Update: Right Wing Watch digs up audio in which Fischer states that Mormons aren’t guaranteed First Amendment rights, because they’re not real Christians.

LET’S TALK ABOUT OPTIMISM FOR A CHANGE

Democracy and journalism are in crisis mode—and have been for a while. So how about doing something different?

Mother Jones did. We just merged with the Center for Investigative Reporting, bringing the radio show Reveal, the documentary film team CIR Studios, and Mother Jones together as one bigger, bolder investigative journalism nonprofit.

And this is the first time we’re asking you to support the new organization we’re building. In “Less Dreading, More Doing,” we lay it all out for you: why we merged, how we’re stronger together, why we’re optimistic about the work ahead, and why we need to raise the First $500,000 in online donations by June 22.

It won’t be easy. There are many exciting new things to share with you, but spoiler: Wiggle room in our budget is not among them. We can’t afford missing these goals. We need this to be a big one. Falling flat would be utterly devastating right now.

A First $500,000 donation of $500, $50, or $5 would mean the world to us—a signal that you believe in the power of independent investigative reporting like we do. And whether you can pitch in or not, we have a free Strengthen Journalism sticker for you so you can help us spread the word and make the most of this huge moment.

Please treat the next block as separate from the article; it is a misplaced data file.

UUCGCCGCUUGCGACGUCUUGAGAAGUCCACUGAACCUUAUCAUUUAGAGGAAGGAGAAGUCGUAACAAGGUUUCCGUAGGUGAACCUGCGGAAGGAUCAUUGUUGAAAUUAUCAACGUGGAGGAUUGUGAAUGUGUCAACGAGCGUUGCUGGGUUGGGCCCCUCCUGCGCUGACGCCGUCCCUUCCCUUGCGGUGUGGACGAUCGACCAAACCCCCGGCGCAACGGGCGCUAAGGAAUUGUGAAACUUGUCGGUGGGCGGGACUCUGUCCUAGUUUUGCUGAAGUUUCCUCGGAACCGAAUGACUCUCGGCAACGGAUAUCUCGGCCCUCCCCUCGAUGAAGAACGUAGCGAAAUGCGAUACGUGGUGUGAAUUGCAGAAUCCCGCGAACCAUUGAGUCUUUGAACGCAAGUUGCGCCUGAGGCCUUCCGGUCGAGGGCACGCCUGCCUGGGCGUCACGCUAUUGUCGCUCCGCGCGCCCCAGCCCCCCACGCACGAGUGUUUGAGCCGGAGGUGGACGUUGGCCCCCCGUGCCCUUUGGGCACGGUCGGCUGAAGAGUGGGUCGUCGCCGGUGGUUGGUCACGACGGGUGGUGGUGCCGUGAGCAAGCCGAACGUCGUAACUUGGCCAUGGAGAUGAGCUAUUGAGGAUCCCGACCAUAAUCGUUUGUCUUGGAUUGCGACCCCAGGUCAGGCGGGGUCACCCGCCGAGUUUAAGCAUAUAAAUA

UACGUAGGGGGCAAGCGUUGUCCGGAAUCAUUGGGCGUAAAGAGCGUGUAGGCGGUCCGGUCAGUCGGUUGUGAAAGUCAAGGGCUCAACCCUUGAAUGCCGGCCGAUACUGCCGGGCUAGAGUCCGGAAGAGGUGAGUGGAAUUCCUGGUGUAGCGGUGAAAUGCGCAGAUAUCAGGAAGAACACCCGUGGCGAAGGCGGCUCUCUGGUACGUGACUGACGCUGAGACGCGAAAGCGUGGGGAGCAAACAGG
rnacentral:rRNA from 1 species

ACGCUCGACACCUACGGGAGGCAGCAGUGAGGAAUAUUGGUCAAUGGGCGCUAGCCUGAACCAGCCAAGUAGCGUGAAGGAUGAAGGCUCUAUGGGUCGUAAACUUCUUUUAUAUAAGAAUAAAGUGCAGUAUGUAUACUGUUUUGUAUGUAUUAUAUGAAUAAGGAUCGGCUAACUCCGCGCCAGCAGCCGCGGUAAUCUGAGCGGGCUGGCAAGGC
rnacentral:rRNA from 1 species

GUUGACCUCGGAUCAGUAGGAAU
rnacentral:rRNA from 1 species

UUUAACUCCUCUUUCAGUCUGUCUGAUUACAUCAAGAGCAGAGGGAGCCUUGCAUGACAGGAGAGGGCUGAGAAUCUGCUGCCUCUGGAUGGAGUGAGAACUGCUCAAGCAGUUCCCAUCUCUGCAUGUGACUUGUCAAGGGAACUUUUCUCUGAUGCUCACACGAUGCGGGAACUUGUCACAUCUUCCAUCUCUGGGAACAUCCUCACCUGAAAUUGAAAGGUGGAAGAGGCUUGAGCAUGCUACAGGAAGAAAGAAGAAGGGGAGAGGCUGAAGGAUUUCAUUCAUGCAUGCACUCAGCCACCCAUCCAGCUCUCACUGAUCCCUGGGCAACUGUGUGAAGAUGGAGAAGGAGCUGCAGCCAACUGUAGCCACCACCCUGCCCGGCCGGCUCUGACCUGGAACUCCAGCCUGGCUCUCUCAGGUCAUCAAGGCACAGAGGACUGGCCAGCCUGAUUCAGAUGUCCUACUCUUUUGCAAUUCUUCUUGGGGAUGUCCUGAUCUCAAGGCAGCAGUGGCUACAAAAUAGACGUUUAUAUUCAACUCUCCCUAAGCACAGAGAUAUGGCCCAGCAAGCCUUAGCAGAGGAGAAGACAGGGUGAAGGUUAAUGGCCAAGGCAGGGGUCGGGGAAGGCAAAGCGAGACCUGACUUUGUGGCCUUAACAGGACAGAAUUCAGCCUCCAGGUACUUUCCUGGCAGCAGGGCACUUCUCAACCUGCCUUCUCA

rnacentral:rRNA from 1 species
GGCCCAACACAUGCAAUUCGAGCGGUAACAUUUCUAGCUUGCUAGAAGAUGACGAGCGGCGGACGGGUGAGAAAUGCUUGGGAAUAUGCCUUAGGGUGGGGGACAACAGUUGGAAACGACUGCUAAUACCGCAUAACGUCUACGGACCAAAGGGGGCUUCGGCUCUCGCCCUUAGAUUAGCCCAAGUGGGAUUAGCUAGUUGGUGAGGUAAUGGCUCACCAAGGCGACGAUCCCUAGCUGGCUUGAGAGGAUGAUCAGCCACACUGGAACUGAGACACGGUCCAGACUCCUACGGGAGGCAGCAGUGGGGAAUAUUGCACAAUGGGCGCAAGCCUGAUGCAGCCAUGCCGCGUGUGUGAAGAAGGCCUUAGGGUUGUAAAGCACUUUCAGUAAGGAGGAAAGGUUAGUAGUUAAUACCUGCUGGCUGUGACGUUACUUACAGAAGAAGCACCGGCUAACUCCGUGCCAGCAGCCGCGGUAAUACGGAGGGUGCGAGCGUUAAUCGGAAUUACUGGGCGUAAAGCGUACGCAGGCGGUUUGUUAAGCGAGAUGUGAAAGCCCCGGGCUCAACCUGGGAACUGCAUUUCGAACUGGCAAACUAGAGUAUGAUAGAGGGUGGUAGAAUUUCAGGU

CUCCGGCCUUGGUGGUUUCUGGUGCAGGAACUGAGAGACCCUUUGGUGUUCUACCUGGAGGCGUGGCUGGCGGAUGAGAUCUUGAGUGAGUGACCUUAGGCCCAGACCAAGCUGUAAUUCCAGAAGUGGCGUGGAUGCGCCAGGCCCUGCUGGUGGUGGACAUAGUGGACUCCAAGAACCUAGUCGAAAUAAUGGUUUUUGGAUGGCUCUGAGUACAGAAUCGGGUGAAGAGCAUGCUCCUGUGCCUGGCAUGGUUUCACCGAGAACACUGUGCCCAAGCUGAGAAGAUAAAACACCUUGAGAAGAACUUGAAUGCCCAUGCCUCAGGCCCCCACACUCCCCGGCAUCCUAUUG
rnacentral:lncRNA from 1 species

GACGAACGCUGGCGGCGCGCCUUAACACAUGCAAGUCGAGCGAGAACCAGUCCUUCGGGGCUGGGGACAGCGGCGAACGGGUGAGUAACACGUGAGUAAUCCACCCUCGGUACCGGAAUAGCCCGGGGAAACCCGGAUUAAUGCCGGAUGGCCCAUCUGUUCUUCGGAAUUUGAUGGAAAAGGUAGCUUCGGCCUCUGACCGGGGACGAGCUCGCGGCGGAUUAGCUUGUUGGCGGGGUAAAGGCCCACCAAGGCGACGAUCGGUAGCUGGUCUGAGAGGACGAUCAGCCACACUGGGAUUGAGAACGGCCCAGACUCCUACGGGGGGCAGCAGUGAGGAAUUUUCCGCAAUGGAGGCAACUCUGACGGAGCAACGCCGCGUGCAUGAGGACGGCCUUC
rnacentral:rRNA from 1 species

payment methods

LET’S TALK ABOUT OPTIMISM FOR A CHANGE

Democracy and journalism are in crisis mode—and have been for a while. So how about doing something different?

Mother Jones did. We just merged with the Center for Investigative Reporting, bringing the radio show Reveal, the documentary film team CIR Studios, and Mother Jones together as one bigger, bolder investigative journalism nonprofit.

And this is the first time we’re asking you to support the new organization we’re building. In “Less Dreading, More Doing,” we lay it all out for you: why we merged, how we’re stronger together, why we’re optimistic about the work ahead, and why we need to raise the First $500,000 in online donations by June 22.

It won’t be easy. There are many exciting new things to share with you, but spoiler: Wiggle room in our budget is not among them. We can’t afford missing these goals. We need this to be a big one. Falling flat would be utterly devastating right now.

A First $500,000 donation of $500, $50, or $5 would mean the world to us—a signal that you believe in the power of independent investigative reporting like we do. And whether you can pitch in or not, we have a free Strengthen Journalism sticker for you so you can help us spread the word and make the most of this huge moment.

payment methods

We Recommend

Latest

Sign up for our free newsletter

Subscribe to the Mother Jones Daily to have our top stories delivered directly to your inbox.

Get our award-winning magazine

Save big on a full year of investigations, ideas, and insights.

Subscribe

Support our journalism

Help Mother Jones' reporters dig deep with a tax-deductible donation.

Donate